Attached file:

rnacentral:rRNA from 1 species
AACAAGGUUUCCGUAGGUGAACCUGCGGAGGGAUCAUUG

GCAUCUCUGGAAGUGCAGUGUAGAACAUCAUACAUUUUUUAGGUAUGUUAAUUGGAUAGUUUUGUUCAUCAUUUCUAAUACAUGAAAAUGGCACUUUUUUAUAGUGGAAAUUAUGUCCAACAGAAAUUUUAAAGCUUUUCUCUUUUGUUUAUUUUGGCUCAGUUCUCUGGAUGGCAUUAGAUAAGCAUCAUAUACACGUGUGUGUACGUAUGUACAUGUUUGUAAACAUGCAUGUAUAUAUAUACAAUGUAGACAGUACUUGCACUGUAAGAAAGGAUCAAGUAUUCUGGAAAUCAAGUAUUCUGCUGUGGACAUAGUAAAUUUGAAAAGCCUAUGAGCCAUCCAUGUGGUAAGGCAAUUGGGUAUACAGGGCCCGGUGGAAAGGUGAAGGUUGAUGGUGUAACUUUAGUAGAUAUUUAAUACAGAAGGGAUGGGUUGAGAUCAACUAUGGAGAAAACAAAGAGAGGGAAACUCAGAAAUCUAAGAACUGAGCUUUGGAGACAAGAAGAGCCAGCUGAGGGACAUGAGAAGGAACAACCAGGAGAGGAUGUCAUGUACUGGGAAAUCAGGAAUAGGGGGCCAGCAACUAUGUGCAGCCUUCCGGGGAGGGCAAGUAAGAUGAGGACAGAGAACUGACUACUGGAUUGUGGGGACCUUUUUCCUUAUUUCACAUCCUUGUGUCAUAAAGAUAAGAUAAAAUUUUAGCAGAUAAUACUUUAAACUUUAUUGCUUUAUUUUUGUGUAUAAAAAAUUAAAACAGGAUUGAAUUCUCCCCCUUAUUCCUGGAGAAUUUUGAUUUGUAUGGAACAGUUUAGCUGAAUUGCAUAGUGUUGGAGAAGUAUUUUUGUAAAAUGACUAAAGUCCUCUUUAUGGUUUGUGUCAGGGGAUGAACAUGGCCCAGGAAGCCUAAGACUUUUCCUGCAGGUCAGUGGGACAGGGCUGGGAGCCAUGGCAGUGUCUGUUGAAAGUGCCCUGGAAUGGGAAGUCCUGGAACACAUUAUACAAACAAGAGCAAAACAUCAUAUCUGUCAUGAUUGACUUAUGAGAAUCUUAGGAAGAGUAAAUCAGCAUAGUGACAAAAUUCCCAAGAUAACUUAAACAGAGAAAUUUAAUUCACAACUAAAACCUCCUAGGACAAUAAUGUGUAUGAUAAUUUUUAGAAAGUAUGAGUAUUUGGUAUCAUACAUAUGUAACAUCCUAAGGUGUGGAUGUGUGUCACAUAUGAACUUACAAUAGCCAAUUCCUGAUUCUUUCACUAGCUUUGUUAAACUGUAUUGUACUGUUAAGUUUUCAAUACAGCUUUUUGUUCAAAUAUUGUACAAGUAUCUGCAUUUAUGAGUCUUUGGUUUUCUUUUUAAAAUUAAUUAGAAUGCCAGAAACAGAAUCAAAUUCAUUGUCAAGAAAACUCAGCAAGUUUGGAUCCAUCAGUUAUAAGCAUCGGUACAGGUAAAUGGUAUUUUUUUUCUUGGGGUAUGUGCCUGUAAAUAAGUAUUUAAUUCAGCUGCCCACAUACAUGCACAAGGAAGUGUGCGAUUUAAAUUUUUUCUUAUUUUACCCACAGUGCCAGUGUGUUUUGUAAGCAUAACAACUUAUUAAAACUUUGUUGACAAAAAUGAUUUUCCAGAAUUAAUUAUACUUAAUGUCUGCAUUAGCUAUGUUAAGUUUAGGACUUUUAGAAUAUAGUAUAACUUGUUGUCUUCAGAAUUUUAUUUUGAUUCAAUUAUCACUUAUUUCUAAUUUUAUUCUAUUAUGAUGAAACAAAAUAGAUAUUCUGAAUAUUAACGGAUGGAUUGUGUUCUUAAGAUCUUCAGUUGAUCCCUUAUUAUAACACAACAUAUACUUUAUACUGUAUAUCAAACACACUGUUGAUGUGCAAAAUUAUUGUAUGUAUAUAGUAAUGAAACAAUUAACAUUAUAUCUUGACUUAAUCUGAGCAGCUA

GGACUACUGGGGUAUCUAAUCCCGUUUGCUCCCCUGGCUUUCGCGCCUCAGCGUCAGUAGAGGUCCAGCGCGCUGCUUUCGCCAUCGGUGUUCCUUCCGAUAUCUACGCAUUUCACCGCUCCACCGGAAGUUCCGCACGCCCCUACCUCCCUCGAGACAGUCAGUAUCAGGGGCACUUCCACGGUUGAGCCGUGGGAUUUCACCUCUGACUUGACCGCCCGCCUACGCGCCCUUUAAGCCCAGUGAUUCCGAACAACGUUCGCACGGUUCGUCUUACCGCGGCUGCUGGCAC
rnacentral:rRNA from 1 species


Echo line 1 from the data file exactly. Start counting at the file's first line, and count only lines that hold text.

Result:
rnacentral:rRNA from 1 species